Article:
Psychiatric Annals

CME Article 

A Critical Systematic Review of Evidence for Cannabinoids in the Treatment of Schizophrenia

Anoop Sankaranarayanan, MD, MHM, FRANZCP; Helen Wilding, GradDipInfoMgt; Erica Neill, BBSc (Hons), MBSc, PhD; David Castle, MD, FRCPsych, FRANZCP

Abstract

Cannabinoids have an emerging evidence base as an effective treatment option in a number of medical conditions, including anorexia and intractable vomiting. It is well known that patients with schizophrenia are more likely to use cannabis; it has also been argued that this could be a way of self-treating adverse side effects (secondary to antipsychotics) in a group of people with schizophrenia. Therefore, studies have attempted to examine the use of cannabinoids in schizophrenia. Given the recent interest in the use of cannabinoids in general and the ensuing ethical debates, we systematically review the available literature on the use of four cannabinoids, namely delta-9-tetrahydrocannabinol, dronabinol, rimonabant, and cannabidiol, in the management of schizophrenia. We also offer suggestions for future research in this area. [Psychiatr Ann. 2018;48(5):214–223.]

Abstract

Cannabinoids have an emerging evidence base as an effective treatment option in a number of medical conditions, including anorexia and intractable vomiting. It is well known that patients with schizophrenia are more likely to use cannabis; it has also been argued that this could be a way of self-treating adverse side effects (secondary to antipsychotics) in a group of people with schizophrenia. Therefore, studies have attempted to examine the use of cannabinoids in schizophrenia. Given the recent interest in the use of cannabinoids in general and the ensuing ethical debates, we systematically review the available literature on the use of four cannabinoids, namely delta-9-tetrahydrocannabinol, dronabinol, rimonabant, and cannabidiol, in the management of schizophrenia. We also offer suggestions for future research in this area. [Psychiatr Ann. 2018;48(5):214–223.]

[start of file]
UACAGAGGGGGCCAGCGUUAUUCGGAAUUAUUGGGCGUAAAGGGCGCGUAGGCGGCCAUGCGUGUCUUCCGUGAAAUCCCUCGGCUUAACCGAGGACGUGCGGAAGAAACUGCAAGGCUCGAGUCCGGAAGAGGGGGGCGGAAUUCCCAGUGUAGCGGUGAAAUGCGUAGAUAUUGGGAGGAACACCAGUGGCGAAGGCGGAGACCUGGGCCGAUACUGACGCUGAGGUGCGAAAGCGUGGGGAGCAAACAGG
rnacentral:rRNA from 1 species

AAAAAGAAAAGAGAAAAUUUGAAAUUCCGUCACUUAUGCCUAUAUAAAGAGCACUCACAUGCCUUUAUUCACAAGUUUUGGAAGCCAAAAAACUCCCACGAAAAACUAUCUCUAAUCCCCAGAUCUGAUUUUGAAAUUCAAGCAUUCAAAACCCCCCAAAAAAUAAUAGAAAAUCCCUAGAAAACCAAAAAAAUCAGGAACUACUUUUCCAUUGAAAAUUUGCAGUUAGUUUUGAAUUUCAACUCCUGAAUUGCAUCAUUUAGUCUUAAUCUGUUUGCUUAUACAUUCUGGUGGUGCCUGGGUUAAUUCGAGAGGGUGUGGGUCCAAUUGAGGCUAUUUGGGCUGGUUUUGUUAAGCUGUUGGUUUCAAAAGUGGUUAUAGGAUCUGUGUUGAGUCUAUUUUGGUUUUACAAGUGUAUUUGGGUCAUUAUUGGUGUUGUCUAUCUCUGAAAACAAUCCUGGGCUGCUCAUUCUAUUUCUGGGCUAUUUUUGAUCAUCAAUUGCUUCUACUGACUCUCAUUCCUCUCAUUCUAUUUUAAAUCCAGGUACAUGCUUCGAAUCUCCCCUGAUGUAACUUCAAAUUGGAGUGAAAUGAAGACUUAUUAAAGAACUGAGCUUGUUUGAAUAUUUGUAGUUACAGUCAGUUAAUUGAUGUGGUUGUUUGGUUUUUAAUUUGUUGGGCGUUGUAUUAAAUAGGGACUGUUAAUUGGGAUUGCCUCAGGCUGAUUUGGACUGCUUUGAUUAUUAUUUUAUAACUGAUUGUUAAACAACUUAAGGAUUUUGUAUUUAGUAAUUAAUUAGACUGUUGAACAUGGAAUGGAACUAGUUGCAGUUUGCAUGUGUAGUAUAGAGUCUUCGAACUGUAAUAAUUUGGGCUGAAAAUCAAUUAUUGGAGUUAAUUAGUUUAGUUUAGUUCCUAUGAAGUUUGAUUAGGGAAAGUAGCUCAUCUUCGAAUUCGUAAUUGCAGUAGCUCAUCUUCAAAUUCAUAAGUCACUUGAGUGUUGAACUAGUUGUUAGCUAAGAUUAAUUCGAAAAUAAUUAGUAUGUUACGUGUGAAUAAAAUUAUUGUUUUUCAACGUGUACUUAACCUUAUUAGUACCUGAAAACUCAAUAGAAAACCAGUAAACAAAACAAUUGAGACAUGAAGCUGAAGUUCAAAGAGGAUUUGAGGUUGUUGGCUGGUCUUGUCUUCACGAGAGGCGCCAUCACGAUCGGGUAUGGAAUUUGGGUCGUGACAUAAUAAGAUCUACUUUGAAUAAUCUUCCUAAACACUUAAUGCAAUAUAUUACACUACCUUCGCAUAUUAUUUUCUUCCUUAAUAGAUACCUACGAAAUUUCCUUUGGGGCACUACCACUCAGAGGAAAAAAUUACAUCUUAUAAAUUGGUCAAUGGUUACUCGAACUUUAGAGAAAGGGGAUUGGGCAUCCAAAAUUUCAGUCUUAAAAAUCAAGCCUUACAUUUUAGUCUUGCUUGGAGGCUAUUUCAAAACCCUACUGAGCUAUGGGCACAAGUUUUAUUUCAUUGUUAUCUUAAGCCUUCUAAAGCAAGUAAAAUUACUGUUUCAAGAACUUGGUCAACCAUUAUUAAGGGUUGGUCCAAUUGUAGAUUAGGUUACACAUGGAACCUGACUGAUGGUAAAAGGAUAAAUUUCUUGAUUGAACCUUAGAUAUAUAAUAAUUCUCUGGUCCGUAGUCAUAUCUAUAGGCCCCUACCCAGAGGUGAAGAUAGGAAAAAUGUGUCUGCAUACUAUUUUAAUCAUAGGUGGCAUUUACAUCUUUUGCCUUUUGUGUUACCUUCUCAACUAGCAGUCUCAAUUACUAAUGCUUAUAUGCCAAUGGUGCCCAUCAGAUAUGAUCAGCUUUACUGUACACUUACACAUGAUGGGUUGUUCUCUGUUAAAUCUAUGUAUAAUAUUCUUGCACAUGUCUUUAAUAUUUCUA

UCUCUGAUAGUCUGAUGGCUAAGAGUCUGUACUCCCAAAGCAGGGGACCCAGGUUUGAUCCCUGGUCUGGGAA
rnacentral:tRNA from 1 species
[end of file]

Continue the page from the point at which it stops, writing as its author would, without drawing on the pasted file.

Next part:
Cannabis is the most commonly abused illicit drug in the world with some 147 million people, or 2.5% of the world's population, reportedly using it.1 Furthermore, some 13.1 million people meet criteria for cannabis dependence.2 People diagnosed with schizophrenia are more likely to use cannabis; reported rates for use among schizophrenia patients range from 17% to 80%.3 A large epidemiological study from Australia reported higher rates, with 97% of people with schizophrenia reporting lifetime prevalence and 49% stating they had used it in the past year.4

A recent meta-analysis on the use of cannabis among patients with first-episode psychosis estimated that 33.7% of participants used cannabis at the time of their first episode of psychosis.5

Despite the prevalence of cannabis use, it is illegal in many countries due to concerns about its impact on health. Short-term effects include impairments in cognition and motor function along with transient psychotic symptoms. Long-term use can lead to addiction, permanent cognitive impairment (particularly if use began in early adolescence), chronic bronchitis, and reduced quality of life;6 it can also be a cumulative causal factor for schizophrenia.7

Despite these concerns, the arguments for and against the legalization of cannabis rage on, with advocates for legalization citing the importance of personal choice, taxation benefits, increased ease of access for medical use, and decreased illegal activity.6 At the center of this debate is the discussion of the complex relationship between cannabis use and schizophrenia. For example, two meta-analyses indicate that cannabis may increase (by nearly 4-fold) the risk of schizophrenia or psychosis,7 and that this risk is dose-dependent.8 Furthermore, research shows that cannabis meets many of Hill's criteria for causation in relation to the development of schizophrenia. These include (1) use preceding illness onset, (2) biological gradient (greater exposure leading to greater incidence), (3) biological plausibility (interaction between cannabis and dopamine activity), (4) experimental evidence (cannabis inducing psychosis symptoms), (5) consistency (increased risk of psychosis among heavy users), and (6) coherence (consistency between laboratory and epidemiological findings).9